Fire and Fury The Allied Bombing of Germany, 1942-1945

History / Military

The Victorian City: Everyday Life in Dickens’ London
Fire and Fury: The Allied Bombing of Germany, 1942-1945 by Randall Hansen
Lien Bich Luu, “Immigrants and the Industries of London, 1500–1700”
The Velizh Affair: Blood Libel in a Russian Town by Eugene M. Avrutin
Julia Kaziewicz, “Study and Teaching Guide for The History of the Renaissance World”

The Victorian City: Everyday Life in Dickens’ London

English | July 15th, 2014 | ASIN: B00HY09X66, ISBN: 1250040213, 1250068266 | 698 Pages | EPUB | 9.97 MB

From the New York Times bestselling and critically acclaimed author of The Invention of Murder, an extraordinary, revelatory portrait of everyday life on the streets of Dickens’ London.
The nineteenth century was a time of unprecedented change, and nowhere was this more apparent than London. In only a few decades, the capital grew from a compact Regency town into a sprawling metropolis of 6.5 million inhabitants, the largest city the world had ever seen. Technology-railways, street-lighting, and sewers-transformed both the city and the experience of city-living, as London expanded in every direction. Now Judith Flanders, one of Britain’s foremost social historians, explores the world portrayed so vividly in Dickens’ novels, showing life on the streets of London in colorful, fascinating detail.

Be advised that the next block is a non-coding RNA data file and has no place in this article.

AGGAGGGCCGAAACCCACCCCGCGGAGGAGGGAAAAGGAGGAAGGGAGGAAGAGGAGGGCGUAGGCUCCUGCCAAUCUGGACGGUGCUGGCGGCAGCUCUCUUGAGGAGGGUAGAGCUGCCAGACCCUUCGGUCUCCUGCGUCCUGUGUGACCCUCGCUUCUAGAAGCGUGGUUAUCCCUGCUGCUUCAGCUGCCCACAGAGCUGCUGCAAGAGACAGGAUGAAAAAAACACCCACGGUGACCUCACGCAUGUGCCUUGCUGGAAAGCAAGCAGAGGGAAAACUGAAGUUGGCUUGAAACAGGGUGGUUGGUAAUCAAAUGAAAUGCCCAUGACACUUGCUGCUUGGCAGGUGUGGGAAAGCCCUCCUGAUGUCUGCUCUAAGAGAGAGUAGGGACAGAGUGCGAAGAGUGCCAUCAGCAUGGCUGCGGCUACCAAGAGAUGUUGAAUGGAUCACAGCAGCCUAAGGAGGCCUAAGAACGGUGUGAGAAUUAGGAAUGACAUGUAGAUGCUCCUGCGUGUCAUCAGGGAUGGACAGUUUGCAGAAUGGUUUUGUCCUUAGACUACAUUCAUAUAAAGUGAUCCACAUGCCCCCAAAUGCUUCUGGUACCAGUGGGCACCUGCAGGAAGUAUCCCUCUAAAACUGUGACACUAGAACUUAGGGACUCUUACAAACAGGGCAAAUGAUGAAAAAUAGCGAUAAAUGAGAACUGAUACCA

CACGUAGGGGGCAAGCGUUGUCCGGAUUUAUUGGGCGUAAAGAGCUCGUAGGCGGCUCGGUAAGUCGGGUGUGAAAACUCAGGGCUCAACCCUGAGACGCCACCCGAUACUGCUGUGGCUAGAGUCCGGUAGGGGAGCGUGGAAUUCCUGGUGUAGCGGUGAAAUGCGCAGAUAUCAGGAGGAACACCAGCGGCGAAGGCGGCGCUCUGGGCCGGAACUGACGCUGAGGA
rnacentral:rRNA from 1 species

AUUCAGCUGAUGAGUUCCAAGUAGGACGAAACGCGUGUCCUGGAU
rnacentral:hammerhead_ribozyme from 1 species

From the moment Charles Dickens, the century’s best-loved English novelist and London’s greatest observer, arrived in the city in 1822, he obsessively walked its streets, recording its pleasures, curiosities and cruelties. Now, with him, Judith Flanders leads us through the markets, transport systems, sewers, rivers, slums, alleys, cemeteries, gin palaces, chop-houses and entertainment emporia of Dickens’ London, to reveal the Victorian capital in all its variety, vibrancy, and squalor. From the colorful cries of street-sellers to the uncomfortable reality of travel by omnibus, to the many uses for the body parts of dead horses and the unimaginably grueling working days of hawker children, no detail is too small, or too strange. No one who reads Judith Flanders’s meticulously researched, captivatingly written The Victorian City will ever view London in the same light again.

Fire and Fury: The Allied Bombing of Germany, 1942-1945 by Randall Hansen

English | July 7th, 2009 | ASIN: B002FQOHR4, ISBN: 0451230086, 045122759X | 368 pages | EPUB | 4.91 MB

During the Second World War, Allied air forces dropped nearly two million tons of bombs on Germany, destroying some 60 cities, killing more than half a million German citizens, and leaving 80,000 pilots dead. But the terrible truth is that much of the bombing was carried out against the expressed demands of the Allied military leadership, leading to the needless deaths of hundreds of thousands of civilians.